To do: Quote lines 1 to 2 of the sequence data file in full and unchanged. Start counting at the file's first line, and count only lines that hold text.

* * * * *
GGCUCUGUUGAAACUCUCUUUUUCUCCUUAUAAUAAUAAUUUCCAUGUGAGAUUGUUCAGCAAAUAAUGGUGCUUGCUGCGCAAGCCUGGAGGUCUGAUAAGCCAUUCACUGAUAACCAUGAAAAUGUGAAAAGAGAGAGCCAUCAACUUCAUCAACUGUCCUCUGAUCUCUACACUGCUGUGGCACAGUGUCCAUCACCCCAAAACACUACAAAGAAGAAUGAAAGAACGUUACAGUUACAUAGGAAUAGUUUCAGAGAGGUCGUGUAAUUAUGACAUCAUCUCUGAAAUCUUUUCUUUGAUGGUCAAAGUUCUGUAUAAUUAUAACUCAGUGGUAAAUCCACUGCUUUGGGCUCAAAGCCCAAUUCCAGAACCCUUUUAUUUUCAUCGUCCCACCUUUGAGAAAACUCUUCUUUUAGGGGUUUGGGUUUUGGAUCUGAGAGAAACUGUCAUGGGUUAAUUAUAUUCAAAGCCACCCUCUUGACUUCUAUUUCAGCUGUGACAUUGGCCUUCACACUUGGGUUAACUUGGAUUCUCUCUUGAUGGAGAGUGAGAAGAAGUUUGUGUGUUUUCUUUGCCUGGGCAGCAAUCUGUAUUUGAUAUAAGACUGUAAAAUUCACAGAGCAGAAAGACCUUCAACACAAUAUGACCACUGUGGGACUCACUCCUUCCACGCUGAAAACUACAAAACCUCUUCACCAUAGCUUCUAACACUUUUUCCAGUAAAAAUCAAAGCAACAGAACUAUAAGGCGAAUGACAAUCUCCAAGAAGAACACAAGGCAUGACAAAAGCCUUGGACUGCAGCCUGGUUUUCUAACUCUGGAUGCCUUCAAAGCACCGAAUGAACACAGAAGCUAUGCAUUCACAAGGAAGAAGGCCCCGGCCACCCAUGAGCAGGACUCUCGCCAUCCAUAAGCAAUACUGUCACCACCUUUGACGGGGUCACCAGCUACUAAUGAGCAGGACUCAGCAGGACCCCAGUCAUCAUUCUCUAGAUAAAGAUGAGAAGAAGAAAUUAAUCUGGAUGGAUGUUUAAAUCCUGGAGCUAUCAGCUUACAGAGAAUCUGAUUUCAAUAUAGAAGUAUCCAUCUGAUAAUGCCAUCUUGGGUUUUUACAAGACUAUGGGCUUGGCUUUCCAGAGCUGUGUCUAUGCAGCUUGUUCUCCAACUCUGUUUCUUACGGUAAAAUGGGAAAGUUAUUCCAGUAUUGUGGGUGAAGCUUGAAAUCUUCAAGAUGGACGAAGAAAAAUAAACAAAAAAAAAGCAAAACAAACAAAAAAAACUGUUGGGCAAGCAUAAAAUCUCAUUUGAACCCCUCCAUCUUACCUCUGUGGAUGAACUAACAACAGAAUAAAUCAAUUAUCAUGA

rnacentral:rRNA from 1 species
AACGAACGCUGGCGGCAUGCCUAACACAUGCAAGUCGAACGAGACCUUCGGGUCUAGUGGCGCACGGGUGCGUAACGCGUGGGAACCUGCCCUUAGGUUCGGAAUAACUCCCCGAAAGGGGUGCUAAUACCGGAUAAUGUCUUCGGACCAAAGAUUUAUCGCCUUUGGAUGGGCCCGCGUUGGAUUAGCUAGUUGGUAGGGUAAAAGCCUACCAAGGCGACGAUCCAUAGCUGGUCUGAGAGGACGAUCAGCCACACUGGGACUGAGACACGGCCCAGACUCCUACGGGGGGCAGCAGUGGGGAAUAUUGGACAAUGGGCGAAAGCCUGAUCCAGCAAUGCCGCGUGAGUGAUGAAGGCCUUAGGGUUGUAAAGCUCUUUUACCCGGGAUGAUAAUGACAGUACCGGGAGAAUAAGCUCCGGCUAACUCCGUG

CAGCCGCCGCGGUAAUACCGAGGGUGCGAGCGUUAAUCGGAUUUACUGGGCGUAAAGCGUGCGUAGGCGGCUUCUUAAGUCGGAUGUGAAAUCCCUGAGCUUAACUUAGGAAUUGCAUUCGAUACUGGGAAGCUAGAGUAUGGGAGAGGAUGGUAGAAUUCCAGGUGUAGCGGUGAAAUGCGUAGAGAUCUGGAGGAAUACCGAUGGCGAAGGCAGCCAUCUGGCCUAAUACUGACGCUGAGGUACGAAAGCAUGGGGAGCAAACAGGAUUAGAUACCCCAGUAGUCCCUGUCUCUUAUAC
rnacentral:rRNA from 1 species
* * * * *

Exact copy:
GGCUCUGUUGAAACUCUCUUUUUCUCCUUAUAAUAAUAAUUUCCAUGUGAGAUUGUUCAGCAAAUAAUGGUGCUUGCUGCGCAAGCCUGGAGGUCUGAUAAGCCAUUCACUGAUAACCAUGAAAAUGUGAAAAGAGAGAGCCAUCAACUUCAUCAACUGUCCUCUGAUCUCUACACUGCUGUGGCACAGUGUCCAUCACCCCAAAACACUACAAAGAAGAAUGAAAGAACGUUACAGUUACAUAGGAAUAGUUUCAGAGAGGUCGUGUAAUUAUGACAUCAUCUCUGAAAUCUUUUCUUUGAUGGUCAAAGUUCUGUAUAAUUAUAACUCAGUGGUAAAUCCACUGCUUUGGGCUCAAAGCCCAAUUCCAGAACCCUUUUAUUUUCAUCGUCCCACCUUUGAGAAAACUCUUCUUUUAGGGGUUUGGGUUUUGGAUCUGAGAGAAACUGUCAUGGGUUAAUUAUAUUCAAAGCCACCCUCUUGACUUCUAUUUCAGCUGUGACAUUGGCCUUCACACUUGGGUUAACUUGGAUUCUCUCUUGAUGGAGAGUGAGAAGAAGUUUGUGUGUUUUCUUUGCCUGGGCAGCAAUCUGUAUUUGAUAUAAGACUGUAAAAUUCACAGAGCAGAAAGACCUUCAACACAAUAUGACCACUGUGGGACUCACUCCUUCCACGCUGAAAACUACAAAACCUCUUCACCAUAGCUUCUAACACUUUUUCCAGUAAAAAUCAAAGCAACAGAACUAUAAGGCGAAUGACAAUCUCCAAGAAGAACACAAGGCAUGACAAAAGCCUUGGACUGCAGCCUGGUUUUCUAACUCUGGAUGCCUUCAAAGCACCGAAUGAACACAGAAGCUAUGCAUUCACAAGGAAGAAGGCCCCGGCCACCCAUGAGCAGGACUCUCGCCAUCCAUAAGCAAUACUGUCACCACCUUUGACGGGGUCACCAGCUACUAAUGAGCAGGACUCAGCAGGACCCCAGUCAUCAUUCUCUAGAUAAAGAUGAGAAGAAGAAAUUAAUCUGGAUGGAUGUUUAAAUCCUGGAGCUAUCAGCUUACAGAGAAUCUGAUUUCAAUAUAGAAGUAUCCAUCUGAUAAUGCCAUCUUGGGUUUUUACAAGACUAUGGGCUUGGCUUUCCAGAGCUGUGUCUAUGCAGCUUGUUCUCCAACUCUGUUUCUUACGGUAAAAUGGGAAAGUUAUUCCAGUAUUGUGGGUGAAGCUUGAAAUCUUCAAGAUGGACGAAGAAAAAUAAACAAAAAAAAAGCAAAACAAACAAAAAAAACUGUUGGGCAAGCAUAAAAUCUCAUUUGAACCCCUCCAUCUUACCUCUGUGGAUGAACUAACAACAGAAUAAAUCAAUUAUCAUGA

rnacentral:rRNA from 1 species